When you listen to an album a day, sometimes you just don’t have the ear for it. It’s called listener’s fatigue. We all know it. You scroll through tunes and everything feels so far away. It’s like those fucked up dreams when you’re running towards something, but the thing you’re running to doesn’t come any closer no matter how fast you run. It’s those long drives when you scroll through the radio and everything just sucks. That’s today for me. So, if you don’t like the way things are sounding so far, just skip the write up for today and come back tomorrow for our regularly scheduled programming.
On days like this, which don’t come often, I reach into my magical bag of fucking treats and pull out an album that has completely levelled me once before, and listen to it in full. Not just in that calm, “I feel so level after paying off that debt” kinda way, but in the way a wrecking ball and bulldozer level a building, or a fire levels a forest; a conflagration of the fucking soul. Something that totally fucking floored me. As in, my mind had to rewrap itself into a ball and my personality needed to evolve after listening to this shit, type of album.
Enter stage right John Prine’s “Great Days”: If you haven’t heard John Prine before, I envy you. I especially envy you if you don’t like country music. Cause, motherfucker, a whole goddamn world is about to open up for you. I grew up with a lot of country. But before Prine, and others like him, I didn’t really get it. Bluegrass? Sure. Folk? Fuck ya. But country music didn’t make sense to me. I thought it was made for stupid conservative yokels romanticizing “the good ol’ days’ when women couldn’t vote and white people could still have slaves. I fucking hated it. John Prine has all the things people generally hate about country music. Slide guitars and fiddles and three chords that can be played by vapid, dim-witted, inbred, gullible brains. It has that sound that separates folk from country. That thing that makes Rolling Stone writers and readers cringe and clench their assholes. It’s the sound that makes generations of listeners plug their ears and cling onto the belief that the Beatles were the greatest songwriters to have ever lived (Ob-La-Di, Ob-La-Da, fuck that shit). Prine’s voice is alright. He’s a step above Dylan but not by much. But sweet holy fucking Kellogg’s Christ flakes born out of a whore’s ham hock, his fucking lyrics. What’s even better, the lyrics don’t make as much sense unless they’re played behind vapid, dim-witted, inbred, gullible country chords. It’s part of their humour, their charm. Without them, and that country sound, it’s just not the same. It’s the setup for the joke. And now, it’s just how I fucking like it.
He’s a story that might help illustrate Prine to a few of you: Bill Murray and Hunter S Thompson were hanging out one day. Bill turned to Thompson and told him he was depressed and didn’t know what to do. Hunter responded, “We’re going to have to rely on John Prine for his sense of humour.” Bill listened, loved what he heard, and came back on top once more. True story.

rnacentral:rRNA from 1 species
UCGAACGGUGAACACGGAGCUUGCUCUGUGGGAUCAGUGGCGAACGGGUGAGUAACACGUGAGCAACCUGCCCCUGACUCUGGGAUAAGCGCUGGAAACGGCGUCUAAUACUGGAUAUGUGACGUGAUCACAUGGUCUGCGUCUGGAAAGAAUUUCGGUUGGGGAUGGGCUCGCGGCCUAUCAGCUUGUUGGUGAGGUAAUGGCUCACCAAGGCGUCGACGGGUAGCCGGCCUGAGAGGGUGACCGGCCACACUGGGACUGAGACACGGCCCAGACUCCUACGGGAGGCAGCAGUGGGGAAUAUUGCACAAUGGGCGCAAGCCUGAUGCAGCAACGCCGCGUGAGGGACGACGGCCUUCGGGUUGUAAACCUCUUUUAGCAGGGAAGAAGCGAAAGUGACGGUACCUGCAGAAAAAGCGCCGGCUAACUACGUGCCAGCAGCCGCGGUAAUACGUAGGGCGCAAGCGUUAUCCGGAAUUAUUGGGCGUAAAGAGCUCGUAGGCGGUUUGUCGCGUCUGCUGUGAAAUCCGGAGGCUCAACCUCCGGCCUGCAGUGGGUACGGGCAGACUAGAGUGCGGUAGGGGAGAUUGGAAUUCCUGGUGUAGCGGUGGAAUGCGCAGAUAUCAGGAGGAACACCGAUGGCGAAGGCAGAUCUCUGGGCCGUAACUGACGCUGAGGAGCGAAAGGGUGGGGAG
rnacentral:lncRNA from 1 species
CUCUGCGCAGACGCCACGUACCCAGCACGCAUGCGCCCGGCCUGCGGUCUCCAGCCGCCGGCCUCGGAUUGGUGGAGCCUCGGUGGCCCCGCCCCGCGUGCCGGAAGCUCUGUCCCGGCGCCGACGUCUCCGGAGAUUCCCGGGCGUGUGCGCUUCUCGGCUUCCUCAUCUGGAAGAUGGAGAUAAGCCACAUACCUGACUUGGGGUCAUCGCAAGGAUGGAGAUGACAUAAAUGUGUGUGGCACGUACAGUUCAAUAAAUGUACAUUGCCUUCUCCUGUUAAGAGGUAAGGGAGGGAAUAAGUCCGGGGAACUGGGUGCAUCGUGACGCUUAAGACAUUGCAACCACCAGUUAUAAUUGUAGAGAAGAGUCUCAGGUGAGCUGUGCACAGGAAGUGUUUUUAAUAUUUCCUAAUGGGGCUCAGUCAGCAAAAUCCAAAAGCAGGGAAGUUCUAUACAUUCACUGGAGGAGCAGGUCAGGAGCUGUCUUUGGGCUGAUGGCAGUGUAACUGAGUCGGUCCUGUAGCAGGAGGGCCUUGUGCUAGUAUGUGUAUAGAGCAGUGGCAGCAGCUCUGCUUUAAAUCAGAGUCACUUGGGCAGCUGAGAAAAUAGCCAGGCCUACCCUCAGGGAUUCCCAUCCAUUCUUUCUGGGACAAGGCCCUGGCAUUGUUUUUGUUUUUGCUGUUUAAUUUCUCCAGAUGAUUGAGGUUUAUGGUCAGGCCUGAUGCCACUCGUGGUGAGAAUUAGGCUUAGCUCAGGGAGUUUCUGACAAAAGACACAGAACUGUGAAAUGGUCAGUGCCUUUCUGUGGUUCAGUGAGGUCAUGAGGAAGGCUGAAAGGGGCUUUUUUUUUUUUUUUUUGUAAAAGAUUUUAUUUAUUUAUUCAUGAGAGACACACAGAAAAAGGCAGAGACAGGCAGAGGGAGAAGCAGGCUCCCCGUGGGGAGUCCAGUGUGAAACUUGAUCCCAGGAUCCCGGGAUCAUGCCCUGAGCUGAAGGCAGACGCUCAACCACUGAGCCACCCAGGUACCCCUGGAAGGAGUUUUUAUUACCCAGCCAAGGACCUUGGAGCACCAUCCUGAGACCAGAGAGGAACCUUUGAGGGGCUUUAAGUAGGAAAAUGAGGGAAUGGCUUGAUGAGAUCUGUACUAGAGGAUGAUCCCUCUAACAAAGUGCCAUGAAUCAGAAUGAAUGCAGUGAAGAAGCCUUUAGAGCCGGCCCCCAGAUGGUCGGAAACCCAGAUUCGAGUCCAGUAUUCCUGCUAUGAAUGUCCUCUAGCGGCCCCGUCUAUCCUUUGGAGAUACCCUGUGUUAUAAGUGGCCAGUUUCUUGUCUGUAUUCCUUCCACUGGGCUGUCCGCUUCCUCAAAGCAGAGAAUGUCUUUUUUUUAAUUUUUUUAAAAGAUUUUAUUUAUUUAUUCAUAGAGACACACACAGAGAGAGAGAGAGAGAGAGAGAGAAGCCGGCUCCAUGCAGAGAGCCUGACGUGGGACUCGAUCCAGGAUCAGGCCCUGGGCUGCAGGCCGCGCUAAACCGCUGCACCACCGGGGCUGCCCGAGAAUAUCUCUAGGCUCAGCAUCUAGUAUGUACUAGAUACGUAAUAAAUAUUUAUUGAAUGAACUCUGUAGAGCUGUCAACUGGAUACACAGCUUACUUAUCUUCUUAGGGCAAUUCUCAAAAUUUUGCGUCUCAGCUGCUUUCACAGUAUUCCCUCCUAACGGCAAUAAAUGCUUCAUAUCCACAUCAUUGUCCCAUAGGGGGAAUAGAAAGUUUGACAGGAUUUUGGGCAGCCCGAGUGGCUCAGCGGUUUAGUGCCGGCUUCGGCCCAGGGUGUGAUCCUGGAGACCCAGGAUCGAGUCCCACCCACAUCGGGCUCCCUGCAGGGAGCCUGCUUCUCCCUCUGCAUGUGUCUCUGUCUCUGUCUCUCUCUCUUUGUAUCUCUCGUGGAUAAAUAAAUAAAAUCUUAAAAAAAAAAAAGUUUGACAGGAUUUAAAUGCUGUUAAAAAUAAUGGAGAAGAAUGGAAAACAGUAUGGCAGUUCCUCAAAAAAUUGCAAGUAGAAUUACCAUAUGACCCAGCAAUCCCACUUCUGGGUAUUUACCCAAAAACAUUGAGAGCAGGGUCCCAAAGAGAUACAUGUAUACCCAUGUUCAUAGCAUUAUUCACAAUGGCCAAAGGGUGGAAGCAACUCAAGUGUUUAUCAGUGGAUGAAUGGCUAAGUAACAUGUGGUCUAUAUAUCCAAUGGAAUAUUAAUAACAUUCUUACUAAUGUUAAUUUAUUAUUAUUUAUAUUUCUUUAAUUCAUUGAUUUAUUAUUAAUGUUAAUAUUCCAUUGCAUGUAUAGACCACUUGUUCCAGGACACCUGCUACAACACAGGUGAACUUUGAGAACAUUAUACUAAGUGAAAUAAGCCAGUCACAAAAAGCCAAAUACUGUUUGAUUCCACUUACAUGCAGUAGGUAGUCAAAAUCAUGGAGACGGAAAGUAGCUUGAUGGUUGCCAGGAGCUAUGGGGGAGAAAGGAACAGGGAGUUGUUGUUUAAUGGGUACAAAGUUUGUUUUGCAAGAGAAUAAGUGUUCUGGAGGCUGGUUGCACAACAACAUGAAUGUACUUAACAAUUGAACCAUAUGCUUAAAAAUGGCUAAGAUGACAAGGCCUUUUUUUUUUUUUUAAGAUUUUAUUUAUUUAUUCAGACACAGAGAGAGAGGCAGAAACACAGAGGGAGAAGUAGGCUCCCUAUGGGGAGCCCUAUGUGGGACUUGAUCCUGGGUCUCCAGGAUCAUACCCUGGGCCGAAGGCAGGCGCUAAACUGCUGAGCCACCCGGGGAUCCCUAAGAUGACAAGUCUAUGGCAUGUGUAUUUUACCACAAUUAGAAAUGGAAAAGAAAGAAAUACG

This is the type of lyricism Prine has. Smart fucking dudes listen to these songs and are fucking smashed over the head with how real, sad, and most of all, hilarious John Prine is. He can jump-start careers and ruin marriages in a single line. I’ve looked over a bunch of his lyrics to show you an example of this. Problem is, I can’t choose just one. The words in his songs are like towels used to soak up a flood in a basement: they’re heavy; there’s so much inside them; you can hang them up and wait for days and still more will come out; and in the end, no matter what you do, it will never represent the depth and weight of what it was meant to carry. Prine is a giant of songwriting. They should carve his face in a fucking mountain. He’s coming out with a new album of original material after 13 years in one month (April 13) called “The Tree of Forgiveness” and you better fucking believe I’m listening to that shit.
Prine has this unbelievable way of taking me out of an existential funk. And he does so in this annoyingly simple way. He doesn’t patronize or pander or tell me lines like, “Tomorrow’s another day.” Cause, ya motherfucker, I know that! Do you think I’m an idiot? It’s one day after another. That’s the fucking problem! Then I press play and some silly sounding country chords drool out and a folksy voice sings into my ears, “A bowl of oatmeal tried to stare me down … and won.” And I can’t help but empathize, relate, and most of all, laugh. I step back and analyze myself with Prine’s unique humour and perspective on life. And that’s it, I can’t wallow anymore. The motherfucker, once again, has levelled me.